“Reciprocity Rules” – Germany, France and Italy Initiate Debate About EU-Wide Restrictions on Foreign Investment and Access to Government Contracts

brexitThe ministers of economy for three European Union (EU) and Eurozone members—Germany, France and Italy—in a joint proposal addressed to the EU Commissioner for Trade Cecilia Malmström are putting “proposals for ensuring an improved level playing field in trade and investment” on the EU Commission’s agenda.

In their joint letter, the three ministers stress that they are “worried about the lack of reciprocity” and about a potential selling-off of European know-how and expertise, which the EU and its Member States “are currently unable to combat with effective instruments”. The initiative explicitly refers to the takeover by non-EU investors in the last few years of “more and more European companies with key technological competences for strategic reasons”; the proposal apparently aims to establish a review regime that would allow for restricting acquisitions directly or indirectly steered or financed by non-EU governments.

Calling for additional means to restrict or prohibit investments by non-EU persons, the ministers propose establishing an EU-wide additional layer of control of investments by non-EU investors in European companies, which would need to be implemented through new legislation at the EU level. The three ministers suggest the following key points:

  • “Non-EU investors in principle have the right to make direct investments within the EU. However, the principle of reciprocity applies in cases where a foreign investor has only limited market access in the country of origin of the acquisition (e.g. by being forced to set up a joint venture or through the exclusion of foreign investors in certain sectors).
  • With reference to the expertise of the EU Commission, in individual cases a Member State can either completely prohibit a direct/indirect investment or make it subject to compliance with an order.
  • An intervention may only be made if the investor acquires a significant part of a company that leads to economic influence.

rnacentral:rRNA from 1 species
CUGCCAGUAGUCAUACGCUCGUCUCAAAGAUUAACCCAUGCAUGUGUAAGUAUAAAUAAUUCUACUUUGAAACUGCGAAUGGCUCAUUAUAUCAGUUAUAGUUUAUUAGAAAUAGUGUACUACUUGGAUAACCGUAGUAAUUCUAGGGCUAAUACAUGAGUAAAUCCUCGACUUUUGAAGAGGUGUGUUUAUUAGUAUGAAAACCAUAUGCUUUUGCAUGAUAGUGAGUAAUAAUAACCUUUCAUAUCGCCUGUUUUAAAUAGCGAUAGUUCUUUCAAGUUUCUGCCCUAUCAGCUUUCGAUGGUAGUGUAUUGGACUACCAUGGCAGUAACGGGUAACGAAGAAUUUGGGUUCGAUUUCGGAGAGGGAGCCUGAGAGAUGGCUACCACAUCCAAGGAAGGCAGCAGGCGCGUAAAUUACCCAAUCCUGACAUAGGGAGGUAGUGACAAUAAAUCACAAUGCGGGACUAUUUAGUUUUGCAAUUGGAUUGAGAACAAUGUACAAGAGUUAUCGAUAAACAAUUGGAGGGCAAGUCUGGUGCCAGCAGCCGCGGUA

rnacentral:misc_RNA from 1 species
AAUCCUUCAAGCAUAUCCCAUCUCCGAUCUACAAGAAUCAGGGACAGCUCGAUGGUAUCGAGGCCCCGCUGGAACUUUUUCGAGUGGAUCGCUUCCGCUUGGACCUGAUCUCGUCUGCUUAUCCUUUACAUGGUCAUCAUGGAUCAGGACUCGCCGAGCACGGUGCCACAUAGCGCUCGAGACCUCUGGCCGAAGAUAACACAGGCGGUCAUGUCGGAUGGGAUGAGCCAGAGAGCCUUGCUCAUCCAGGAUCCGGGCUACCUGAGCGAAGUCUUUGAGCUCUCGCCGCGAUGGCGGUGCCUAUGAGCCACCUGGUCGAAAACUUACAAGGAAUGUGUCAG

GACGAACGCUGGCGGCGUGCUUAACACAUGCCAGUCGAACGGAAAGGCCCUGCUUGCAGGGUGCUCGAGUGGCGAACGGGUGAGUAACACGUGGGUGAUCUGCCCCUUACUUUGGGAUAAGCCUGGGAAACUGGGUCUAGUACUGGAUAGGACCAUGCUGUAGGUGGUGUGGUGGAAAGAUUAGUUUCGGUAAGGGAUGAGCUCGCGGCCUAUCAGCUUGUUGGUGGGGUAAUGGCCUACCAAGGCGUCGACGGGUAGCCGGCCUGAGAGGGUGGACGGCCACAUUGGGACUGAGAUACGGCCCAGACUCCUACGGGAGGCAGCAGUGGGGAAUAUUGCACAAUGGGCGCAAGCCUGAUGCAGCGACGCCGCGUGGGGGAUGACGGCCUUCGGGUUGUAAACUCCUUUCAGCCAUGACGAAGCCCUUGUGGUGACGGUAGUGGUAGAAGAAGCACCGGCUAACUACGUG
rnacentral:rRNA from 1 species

• An intervention is particularly justified where
    • the decision for the envisaged direct investment by the third country does not comply with market rules (e.g. through investment instructions; through state-funded takeovers based on political programmes; through the requirement for state approval of investments) or
    • the envisaged direct investment is made possible or is facilitated by state subsidies and this results in a market disturbance (e.g. through government loans which do not reflect market conditions).
  • The right of intervention shall be without prejudice to existing bilateral and multilateral agreements.”

For now, the proposal is designed to start a discussion at the EU level. If only because of its brevity, it triggers a number of questions, and not only with respect to the exact meaning of certain undefined terms used in the above list of proposed key criteria. For example, procedural aspects and the exact allocation of responsibilities between the Member States’ authorities and the EU Commission will have to be addressed if the proposal further evolves.

Apart from the preliminary set of criteria listed above, especially to protect the high-tech industry, the ministers raise a similar concern with respect to access to government contracts for EU companies in non-EU countries. They stressed that “EU companies still face great difficulties to benefit from a fair access and equitable treatment abroad in a number of countries,” whereas the EU had opened its government-contracts markets to a greater extent than certain countries abroad. In that regard, the ministers’ proposal is limited to a general claim for the establishment of a level playing field. In the ministers’ view, the current unbalanced level of openness would need to be addressed through “ambitious Free Trade Agreements” and by “agreeing as soon as possible on an appropriate EU instrument to adopt a symmetric level of openness,” as the French, German and Italian ministers put it.

It remains to be seen if, how and when the relevant EU commissioner and (other) Member States’ governments take serious action to further pursue the suggested approach with respect to stricter rules on foreign investments and access to government contracts.